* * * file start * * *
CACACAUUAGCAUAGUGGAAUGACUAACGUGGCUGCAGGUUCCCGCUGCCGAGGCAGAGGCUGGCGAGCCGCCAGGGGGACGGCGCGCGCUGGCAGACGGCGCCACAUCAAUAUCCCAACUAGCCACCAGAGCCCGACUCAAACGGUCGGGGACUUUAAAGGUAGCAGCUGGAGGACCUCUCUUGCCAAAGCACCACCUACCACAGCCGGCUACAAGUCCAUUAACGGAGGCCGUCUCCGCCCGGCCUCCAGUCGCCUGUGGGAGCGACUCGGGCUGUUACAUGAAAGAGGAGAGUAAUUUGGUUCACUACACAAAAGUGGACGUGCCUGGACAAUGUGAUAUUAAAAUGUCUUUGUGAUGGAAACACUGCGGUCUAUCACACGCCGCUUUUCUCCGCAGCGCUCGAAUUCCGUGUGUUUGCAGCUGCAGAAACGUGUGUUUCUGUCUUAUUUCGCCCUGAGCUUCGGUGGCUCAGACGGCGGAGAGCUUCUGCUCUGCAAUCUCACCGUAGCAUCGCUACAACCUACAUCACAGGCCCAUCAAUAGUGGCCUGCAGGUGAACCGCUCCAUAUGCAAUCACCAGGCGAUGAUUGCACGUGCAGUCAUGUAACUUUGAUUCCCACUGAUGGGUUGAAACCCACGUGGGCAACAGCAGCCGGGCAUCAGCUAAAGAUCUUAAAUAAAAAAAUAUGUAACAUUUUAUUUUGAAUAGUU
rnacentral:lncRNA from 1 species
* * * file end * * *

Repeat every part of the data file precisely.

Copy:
CACACAUUAGCAUAGUGGAAUGACUAACGUGGCUGCAGGUUCCCGCUGCCGAGGCAGAGGCUGGCGAGCCGCCAGGGGGACGGCGCGCGCUGGCAGACGGCGCCACAUCAAUAUCCCAACUAGCCACCAGAGCCCGACUCAAACGGUCGGGGACUUUAAAGGUAGCAGCUGGAGGACCUCUCUUGCCAAAGCACCACCUACCACAGCCGGCUACAAGUCCAUUAACGGAGGCCGUCUCCGCCCGGCCUCCAGUCGCCUGUGGGAGCGACUCGGGCUGUUACAUGAAAGAGGAGAGUAAUUUGGUUCACUACACAAAAGUGGACGUGCCUGGACAAUGUGAUAUUAAAAUGUCUUUGUGAUGGAAACACUGCGGUCUAUCACACGCCGCUUUUCUCCGCAGCGCUCGAAUUCCGUGUGUUUGCAGCUGCAGAAACGUGUGUUUCUGUCUUAUUUCGCCCUGAGCUUCGGUGGCUCAGACGGCGGAGAGCUUCUGCUCUGCAAUCUCACCGUAGCAUCGCUACAACCUACAUCACAGGCCCAUCAAUAGUGGCCUGCAGGUGAACCGCUCCAUAUGCAAUCACCAGGCGAUGAUUGCACGUGCAGUCAUGUAACUUUGAUUCCCACUGAUGGGUUGAAACCCACGUGGGCAACAGCAGCCGGGCAUCAGCUAAAGAUCUUAAAUAAAAAAAUAUGUAACAUUUUAUUUUGAAUAGUU
rnacentral:lncRNA from 1 species